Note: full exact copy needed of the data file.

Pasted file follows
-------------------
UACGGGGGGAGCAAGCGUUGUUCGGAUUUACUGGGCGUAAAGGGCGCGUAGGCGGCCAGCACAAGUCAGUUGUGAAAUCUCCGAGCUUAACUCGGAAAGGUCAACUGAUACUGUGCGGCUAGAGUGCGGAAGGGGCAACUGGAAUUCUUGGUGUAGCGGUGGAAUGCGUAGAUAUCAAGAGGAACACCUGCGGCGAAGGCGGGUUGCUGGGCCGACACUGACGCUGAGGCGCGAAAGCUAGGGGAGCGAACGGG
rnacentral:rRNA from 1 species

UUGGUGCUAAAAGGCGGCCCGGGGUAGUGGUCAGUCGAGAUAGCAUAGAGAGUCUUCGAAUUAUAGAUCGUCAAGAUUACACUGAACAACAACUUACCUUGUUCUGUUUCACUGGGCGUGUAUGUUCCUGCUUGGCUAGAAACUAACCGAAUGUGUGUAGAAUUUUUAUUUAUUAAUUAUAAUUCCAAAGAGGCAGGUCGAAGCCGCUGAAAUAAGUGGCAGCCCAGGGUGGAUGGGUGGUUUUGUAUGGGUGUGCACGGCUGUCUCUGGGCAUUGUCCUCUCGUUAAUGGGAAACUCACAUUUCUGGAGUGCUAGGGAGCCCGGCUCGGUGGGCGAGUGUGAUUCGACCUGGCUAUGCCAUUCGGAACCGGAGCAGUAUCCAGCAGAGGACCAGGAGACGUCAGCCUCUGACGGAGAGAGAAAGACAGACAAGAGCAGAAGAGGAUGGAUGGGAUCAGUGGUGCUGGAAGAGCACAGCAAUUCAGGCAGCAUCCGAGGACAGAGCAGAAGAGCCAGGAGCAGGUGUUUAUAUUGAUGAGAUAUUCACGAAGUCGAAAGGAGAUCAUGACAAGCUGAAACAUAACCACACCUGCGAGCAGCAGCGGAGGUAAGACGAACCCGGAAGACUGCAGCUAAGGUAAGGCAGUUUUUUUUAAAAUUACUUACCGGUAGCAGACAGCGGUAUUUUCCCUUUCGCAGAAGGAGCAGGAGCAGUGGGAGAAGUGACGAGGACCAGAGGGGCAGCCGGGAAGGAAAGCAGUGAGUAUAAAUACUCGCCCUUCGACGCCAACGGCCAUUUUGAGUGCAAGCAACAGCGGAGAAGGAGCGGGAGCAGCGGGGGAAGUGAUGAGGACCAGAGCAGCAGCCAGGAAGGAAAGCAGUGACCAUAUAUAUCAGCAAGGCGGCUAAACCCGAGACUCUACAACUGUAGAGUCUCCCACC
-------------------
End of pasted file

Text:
UACGGGGGGAGCAAGCGUUGUUCGGAUUUACUGGGCGUAAAGGGCGCGUAGGCGGCCAGCACAAGUCAGUUGUGAAAUCUCCGAGCUUAACUCGGAAAGGUCAACUGAUACUGUGCGGCUAGAGUGCGGAAGGGGCAACUGGAAUUCUUGGUGUAGCGGUGGAAUGCGUAGAUAUCAAGAGGAACACCUGCGGCGAAGGCGGGUUGCUGGGCCGACACUGACGCUGAGGCGCGAAAGCUAGGGGAGCGAACGGG
rnacentral:rRNA from 1 species

UUGGUGCUAAAAGGCGGCCCGGGGUAGUGGUCAGUCGAGAUAGCAUAGAGAGUCUUCGAAUUAUAGAUCGUCAAGAUUACACUGAACAACAACUUACCUUGUUCUGUUUCACUGGGCGUGUAUGUUCCUGCUUGGCUAGAAACUAACCGAAUGUGUGUAGAAUUUUUAUUUAUUAAUUAUAAUUCCAAAGAGGCAGGUCGAAGCCGCUGAAAUAAGUGGCAGCCCAGGGUGGAUGGGUGGUUUUGUAUGGGUGUGCACGGCUGUCUCUGGGCAUUGUCCUCUCGUUAAUGGGAAACUCACAUUUCUGGAGUGCUAGGGAGCCCGGCUCGGUGGGCGAGUGUGAUUCGACCUGGCUAUGCCAUUCGGAACCGGAGCAGUAUCCAGCAGAGGACCAGGAGACGUCAGCCUCUGACGGAGAGAGAAAGACAGACAAGAGCAGAAGAGGAUGGAUGGGAUCAGUGGUGCUGGAAGAGCACAGCAAUUCAGGCAGCAUCCGAGGACAGAGCAGAAGAGCCAGGAGCAGGUGUUUAUAUUGAUGAGAUAUUCACGAAGUCGAAAGGAGAUCAUGACAAGCUGAAACAUAACCACACCUGCGAGCAGCAGCGGAGGUAAGACGAACCCGGAAGACUGCAGCUAAGGUAAGGCAGUUUUUUUUAAAAUUACUUACCGGUAGCAGACAGCGGUAUUUUCCCUUUCGCAGAAGGAGCAGGAGCAGUGGGAGAAGUGACGAGGACCAGAGGGGCAGCCGGGAAGGAAAGCAGUGAGUAUAAAUACUCGCCCUUCGACGCCAACGGCCAUUUUGAGUGCAAGCAACAGCGGAGAAGGAGCGGGAGCAGCGGGGGAAGUGAUGAGGACCAGAGCAGCAGCCAGGAAGGAAAGCAGUGACCAUAUAUAUCAGCAAGGCGGCUAAACCCGAGACUCUACAACUGUAGAGUCUCCCACC